The hot rod wouldn't exist if nobody bothered to turn rules on their heads. The pioneers who preceded us made a cause taking older, modest cars that were as a rule nothing more than underpowered transportation, and making them go very fast-oftentimes far faster than the purpose-built sports cars those home-brew builders aspired to own. With their emphasis on the individual and the rejection of conventionalism you'd think the industry they spawned would be unencumbered by rules.

But it's not. In fact, we operate almost entirely by rules. Don't believe me? OK, try this.

If I described a car with disc-type wheels, hubcaps, redline tires, a boat-type windshield, quick-change axle, and dual quads on a small-block Chevy bristling with fins, you'd probably build a traditional-looking car in your head. But if I said 18-inch billet wheels, low-profile radial tires, electronic gauges and ignition, coil springs, and multi-stage polyurethane paint, your mind's eye would see an altogether different-looking car-a more modern, high-tech one perhaps. Each style has its own set of rules.

Sociologists call that type of categorization mental labeling, and it's largely the mechanism that taught us to avoid predatory animals and poisonous foods. But in this case our notions of traditional and contemporary prevent many of us from realizing those two descriptions were the same car. This car.

I haven't asked him specifically so I can't say it definitively, but I would hazard to guess that Claude Freund wasn't thinking in those specific terms when he built his roadster. No, he said the same thing we all say: He just wanted a cool-looking car. But the line he took follows a path established by hot rodders of yore, which is to say that he used the parts available to him to achieve a particular objective.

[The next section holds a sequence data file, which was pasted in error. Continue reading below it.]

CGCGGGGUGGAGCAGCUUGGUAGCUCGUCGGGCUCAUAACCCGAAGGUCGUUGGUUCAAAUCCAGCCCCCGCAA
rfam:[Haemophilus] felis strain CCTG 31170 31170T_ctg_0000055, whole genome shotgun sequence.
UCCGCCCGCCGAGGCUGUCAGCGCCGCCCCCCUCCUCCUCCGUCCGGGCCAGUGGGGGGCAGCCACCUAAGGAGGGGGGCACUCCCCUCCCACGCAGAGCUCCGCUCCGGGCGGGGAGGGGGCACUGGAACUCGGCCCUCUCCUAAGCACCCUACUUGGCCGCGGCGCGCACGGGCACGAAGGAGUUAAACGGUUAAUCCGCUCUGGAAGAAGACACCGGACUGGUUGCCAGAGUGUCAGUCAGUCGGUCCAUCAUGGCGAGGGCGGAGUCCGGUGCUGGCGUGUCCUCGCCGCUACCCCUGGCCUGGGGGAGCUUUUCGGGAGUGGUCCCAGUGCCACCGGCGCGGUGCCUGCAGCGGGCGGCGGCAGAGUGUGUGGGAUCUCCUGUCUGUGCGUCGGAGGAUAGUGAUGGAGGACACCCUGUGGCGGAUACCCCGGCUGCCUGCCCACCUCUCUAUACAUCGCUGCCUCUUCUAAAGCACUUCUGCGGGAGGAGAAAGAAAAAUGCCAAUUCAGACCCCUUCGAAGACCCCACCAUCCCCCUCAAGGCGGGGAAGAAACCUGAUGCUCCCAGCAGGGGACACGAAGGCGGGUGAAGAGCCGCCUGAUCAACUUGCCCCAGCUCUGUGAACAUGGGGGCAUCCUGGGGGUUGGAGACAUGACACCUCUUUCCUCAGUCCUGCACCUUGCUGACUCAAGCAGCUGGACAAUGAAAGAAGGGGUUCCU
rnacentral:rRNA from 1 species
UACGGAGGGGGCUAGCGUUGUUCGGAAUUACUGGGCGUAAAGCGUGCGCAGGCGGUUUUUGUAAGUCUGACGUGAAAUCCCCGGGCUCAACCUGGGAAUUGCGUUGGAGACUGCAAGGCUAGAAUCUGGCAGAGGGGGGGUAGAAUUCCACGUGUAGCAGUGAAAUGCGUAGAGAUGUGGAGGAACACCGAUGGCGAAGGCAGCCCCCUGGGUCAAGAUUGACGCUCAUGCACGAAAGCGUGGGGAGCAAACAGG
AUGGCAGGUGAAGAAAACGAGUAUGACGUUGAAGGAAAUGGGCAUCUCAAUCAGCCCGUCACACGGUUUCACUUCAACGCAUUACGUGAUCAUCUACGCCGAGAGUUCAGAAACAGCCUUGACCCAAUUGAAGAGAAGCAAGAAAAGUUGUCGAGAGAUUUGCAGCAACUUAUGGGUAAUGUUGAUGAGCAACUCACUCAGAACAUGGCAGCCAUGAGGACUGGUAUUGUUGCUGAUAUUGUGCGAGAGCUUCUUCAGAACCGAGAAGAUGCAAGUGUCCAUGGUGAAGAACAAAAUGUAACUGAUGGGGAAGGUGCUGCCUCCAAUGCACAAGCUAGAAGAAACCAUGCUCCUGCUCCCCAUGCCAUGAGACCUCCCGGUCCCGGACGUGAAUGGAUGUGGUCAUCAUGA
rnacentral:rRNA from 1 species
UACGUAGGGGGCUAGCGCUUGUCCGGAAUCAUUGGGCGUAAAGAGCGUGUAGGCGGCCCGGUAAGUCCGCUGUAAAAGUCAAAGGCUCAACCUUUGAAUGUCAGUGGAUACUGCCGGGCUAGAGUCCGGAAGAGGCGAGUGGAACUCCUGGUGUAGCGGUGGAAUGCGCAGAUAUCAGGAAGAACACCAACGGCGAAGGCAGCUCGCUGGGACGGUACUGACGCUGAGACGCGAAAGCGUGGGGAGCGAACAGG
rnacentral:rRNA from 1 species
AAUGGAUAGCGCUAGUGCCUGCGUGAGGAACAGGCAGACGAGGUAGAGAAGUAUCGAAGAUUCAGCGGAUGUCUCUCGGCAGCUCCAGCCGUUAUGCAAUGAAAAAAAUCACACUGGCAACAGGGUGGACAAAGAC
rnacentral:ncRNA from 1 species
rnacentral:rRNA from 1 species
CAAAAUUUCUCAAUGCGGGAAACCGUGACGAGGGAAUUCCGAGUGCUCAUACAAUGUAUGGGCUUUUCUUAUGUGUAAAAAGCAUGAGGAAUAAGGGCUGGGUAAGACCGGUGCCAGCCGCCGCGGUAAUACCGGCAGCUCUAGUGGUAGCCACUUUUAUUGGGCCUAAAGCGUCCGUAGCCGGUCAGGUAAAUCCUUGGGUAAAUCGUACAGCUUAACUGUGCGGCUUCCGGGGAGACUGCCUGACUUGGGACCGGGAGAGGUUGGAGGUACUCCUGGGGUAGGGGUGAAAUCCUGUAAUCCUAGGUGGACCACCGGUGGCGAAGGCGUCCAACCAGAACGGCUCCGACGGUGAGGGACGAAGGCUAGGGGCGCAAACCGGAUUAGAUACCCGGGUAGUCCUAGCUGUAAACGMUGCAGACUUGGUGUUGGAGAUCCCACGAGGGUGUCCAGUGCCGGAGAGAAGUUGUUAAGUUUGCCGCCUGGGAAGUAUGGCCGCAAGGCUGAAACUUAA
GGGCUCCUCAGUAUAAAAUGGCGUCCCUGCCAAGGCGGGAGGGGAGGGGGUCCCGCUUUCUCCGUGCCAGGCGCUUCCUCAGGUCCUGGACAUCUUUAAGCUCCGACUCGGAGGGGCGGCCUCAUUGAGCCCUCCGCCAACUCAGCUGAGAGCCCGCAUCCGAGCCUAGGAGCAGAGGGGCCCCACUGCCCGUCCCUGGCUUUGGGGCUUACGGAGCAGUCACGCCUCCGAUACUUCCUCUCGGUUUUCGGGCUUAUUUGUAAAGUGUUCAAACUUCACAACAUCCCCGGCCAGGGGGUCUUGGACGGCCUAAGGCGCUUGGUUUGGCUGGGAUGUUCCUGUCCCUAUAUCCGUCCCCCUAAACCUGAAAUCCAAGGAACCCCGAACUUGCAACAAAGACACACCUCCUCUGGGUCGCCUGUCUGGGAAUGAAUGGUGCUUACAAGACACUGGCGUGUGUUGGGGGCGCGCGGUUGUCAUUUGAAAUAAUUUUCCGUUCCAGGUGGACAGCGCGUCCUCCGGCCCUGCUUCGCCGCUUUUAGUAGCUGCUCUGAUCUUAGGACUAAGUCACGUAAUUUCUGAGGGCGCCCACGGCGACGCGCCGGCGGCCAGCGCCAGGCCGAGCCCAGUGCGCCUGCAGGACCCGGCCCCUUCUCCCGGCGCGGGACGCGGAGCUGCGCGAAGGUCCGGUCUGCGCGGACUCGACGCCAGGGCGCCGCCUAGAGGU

Of course time has radically changed the terms and conditions of availability. For example, real '33 roadsters might have been available for a few hundred bucks at the midpoint of the last century; however, they aren't anymore. Their rarity and collectability make the reproductions like the Wescott Auto Restyling body more feasible. And really the same could be said of the chassis: In the eyes of a builder unconcerned with historical accuracy, the cost of buying and refurbishing a frame that just celebrated its Diamond Jubilee made the already modified Pete & Jakes version more appealing. Though new, its components-the beam axle, hairpins, transverse front spring, ladder bars, and quick-change rear axle-acknowledge history.

Some will surely grumble, but the remainder of the car arguably follows various definitions of tradition: people have swapped small-block Chevrolets since the Eisenhower years; the TH350 transmission bolted to that engine debuted the same year we landed on the moon; and the quick-change rear axle design that it drives has roots to at least the '40s.

But the rest of the car blurs the line between new and old. The wheels, for example, look like the ones Ford adopted in 1940, however, their great diameter and computer-aided construction make them nothing if not blatantly new. Even the tires, with their red stripes and low-profile radial construction, similarly bridge the generation gap. The punchy blue paint that Claude's son, Russ, sprayed evokes hybridized sporty Brit cars of the '60s but its sophisticated resins ensure a type of gloss and durability unheard of even a few years ago. Solid-state construction ensures that the ignition will fire consistently for probably the life of the car and microprocessors promise that the gauges will read accurately.